Sleep expert reveals why you shouldn't be sleeping on white bed sheets

White bedding could be keeping you wide-awake

Getting a good night's sleep is incredibly important to our health and well-being. Too much screen time, stress and balmy weather are common factors known for keeping us awake at night. But, did you know the colour of your bedding may also be a culprit?

Nothing beats snuggling into freshly laundered clean sheets at the end of a hard day. Crisp white bedding might seem like the perfect match for your best mattress and able to go with any bedroom ideas. But, sleep experts argue that white bedding could be preventing you from getting a quality eight hours of sleep.

white bedroom with tactile accessories

(Image credit: Future PLC/James French)

'When it comes to sheets, shades in the yellow, orange, red and black families are best, but stay away from whites and [bright] blues,' says Dorothy Chambers from Sleep Junkie.

Why do white sheets affect our sleep?

Via the Sleep Junkie sleep science review programme, more than 1000 adults were surveyed to explore the impact bedroom arrangement and colour has on sleep quality. 'It is thought these colours [white and bright blue] might affect your melatonin levels' Dorothy explains.

Melatonin is a hormone that naturally occurs in the body that controls our sleep patterns. Production of the melatonin makes you fall asleep quicker and less likely to wake up during the night.

white bedroom with high ceiling with white washed beams

(Image credit: Future PLC/Richard Gadsby)

To understand the findings further, the science behind the effect is down to light rather than colour. The National Library of Medicine states that being exposed to bright blue and white light affects our Circadian Rhythms. These are the 24hr cycles that help our bodies carry out essential functions.

During the day, bright light can improve our performance and attention. But being exposed to blue and white at night can trick our bodies into thinking it is still daytime. That leads to suppressing the body's release of melatonin.

So, it makes sense that crisp white bed linen that reflects the most light would keep us awake after sunset rather than restful.

What colour of bed linen is the best sleep aid?

Perfect bedroom colour schemes always come down to personal taste. But, there are a few specific hues that are said to help us wind down faster than others.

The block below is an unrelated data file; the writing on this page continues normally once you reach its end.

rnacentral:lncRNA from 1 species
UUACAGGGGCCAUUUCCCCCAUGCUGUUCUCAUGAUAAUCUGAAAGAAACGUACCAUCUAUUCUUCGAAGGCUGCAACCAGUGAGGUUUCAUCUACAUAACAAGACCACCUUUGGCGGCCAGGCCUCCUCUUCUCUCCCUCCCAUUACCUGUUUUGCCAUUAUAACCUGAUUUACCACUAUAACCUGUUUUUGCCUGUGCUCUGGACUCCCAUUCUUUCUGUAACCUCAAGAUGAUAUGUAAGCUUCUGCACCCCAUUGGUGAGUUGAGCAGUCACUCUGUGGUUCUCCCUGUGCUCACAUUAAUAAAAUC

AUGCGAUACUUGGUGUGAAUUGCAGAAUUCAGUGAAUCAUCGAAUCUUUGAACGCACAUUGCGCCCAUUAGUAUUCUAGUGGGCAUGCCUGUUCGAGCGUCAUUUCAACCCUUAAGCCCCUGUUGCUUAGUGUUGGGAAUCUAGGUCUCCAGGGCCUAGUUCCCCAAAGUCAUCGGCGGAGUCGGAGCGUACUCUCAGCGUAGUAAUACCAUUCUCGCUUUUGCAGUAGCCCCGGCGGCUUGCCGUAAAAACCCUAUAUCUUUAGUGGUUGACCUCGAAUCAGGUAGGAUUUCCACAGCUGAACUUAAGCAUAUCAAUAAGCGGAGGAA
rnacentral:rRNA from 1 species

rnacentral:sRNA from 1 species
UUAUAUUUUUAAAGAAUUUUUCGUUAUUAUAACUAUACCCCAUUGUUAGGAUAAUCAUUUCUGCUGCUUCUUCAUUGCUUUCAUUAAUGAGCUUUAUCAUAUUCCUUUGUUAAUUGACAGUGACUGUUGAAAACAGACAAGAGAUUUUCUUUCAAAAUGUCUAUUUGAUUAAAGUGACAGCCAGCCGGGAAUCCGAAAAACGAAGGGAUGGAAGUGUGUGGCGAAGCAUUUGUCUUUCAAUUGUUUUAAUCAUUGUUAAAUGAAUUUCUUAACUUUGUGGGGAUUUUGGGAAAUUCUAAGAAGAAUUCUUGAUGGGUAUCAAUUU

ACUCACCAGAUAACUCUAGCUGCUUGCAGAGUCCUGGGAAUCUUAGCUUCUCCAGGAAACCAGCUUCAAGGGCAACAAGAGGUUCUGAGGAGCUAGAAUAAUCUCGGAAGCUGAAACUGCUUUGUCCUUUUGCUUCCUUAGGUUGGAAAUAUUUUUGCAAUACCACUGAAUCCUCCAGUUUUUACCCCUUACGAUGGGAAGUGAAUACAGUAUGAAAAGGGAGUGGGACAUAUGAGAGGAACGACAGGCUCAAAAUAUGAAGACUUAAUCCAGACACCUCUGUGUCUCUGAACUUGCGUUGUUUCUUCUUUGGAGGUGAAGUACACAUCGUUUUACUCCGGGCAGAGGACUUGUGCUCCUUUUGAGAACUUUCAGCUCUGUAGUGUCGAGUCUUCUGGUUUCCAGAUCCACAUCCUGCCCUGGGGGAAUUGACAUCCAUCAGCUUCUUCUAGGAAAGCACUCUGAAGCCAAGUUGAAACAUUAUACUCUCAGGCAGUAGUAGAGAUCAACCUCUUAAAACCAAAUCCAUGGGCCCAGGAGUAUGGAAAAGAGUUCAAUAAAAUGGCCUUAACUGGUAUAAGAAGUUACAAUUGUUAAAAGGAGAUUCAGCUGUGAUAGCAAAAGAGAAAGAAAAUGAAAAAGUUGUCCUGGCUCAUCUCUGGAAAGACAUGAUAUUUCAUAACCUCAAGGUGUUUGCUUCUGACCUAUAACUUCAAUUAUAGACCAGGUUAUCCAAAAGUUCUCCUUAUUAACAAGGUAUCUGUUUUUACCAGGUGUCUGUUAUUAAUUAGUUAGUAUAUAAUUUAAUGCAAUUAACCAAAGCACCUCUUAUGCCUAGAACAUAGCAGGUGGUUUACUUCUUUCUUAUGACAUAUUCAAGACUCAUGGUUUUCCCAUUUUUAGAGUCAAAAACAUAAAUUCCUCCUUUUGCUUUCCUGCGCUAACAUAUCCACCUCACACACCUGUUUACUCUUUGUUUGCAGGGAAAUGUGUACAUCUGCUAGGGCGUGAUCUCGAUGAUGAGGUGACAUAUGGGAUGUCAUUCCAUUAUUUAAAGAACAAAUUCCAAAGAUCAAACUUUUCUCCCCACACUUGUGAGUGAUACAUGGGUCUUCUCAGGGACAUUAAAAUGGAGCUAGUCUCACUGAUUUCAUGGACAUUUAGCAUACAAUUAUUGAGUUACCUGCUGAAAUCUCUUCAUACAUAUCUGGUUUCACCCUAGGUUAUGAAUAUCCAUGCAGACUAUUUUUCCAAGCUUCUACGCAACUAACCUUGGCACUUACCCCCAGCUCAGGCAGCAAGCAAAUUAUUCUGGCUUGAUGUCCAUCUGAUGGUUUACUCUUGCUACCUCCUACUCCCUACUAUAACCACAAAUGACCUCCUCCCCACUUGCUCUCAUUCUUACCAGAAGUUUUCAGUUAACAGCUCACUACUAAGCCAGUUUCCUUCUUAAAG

purple bedroom with textured wallpaper lilac bedroom

(Image credit: Future PLC/Mark Scott)

Chambers continues 'Studies suggest that neutral colours are best for a bedroom because they provide a calming and relaxing vibe, as loud and harsh colours can distract and even irritate your eyes while you try to settle in for the night.'

Christine Lapp from Sleep Junkie agrees. 'According to where they lie on the colour wheel, all shades of colour can induce certain moods and feelings in humans.'

'For example, the colour yellow typically induces happiness and optimism. Although these are both positive, pleasant emotions, when it comes to the topic of sleep, they could both be too stimulating.'

 'Purple is known to represent peace,' says Christine,  'Therefore, this colour provides a sense of tranquillity and allows the body to unwind, and rest easier.

bedroom with purple carpet

(Image credit: Carpetright)

'When it comes to the best shade of purple, it is preferable to opt for a bluer hue, as opposed to a pink tint. From our study, [pale] blue was the  second-best colour for sleep, known for its soothing and calming properties, whereas pink tends to be the colour best suited for inducing creativity, exciting the brain, rather than winding it down.'

 If you are affected by lack of sleep, create a restful and calming bedroom environment clear away any clutter with practical bedroom storage and choose a soothing colour scheme that suits your style. Sweet dreams.


Rachel Homer has been in the interiors publishing industry for over 15 years. Starting as a Style Assistant on Inspirations Magazine, she has since worked for some of the UK’s leading interiors magazines and websites. After starting a family, she moved from being a content editor at to be a digital freelancer and hasn’t looked back.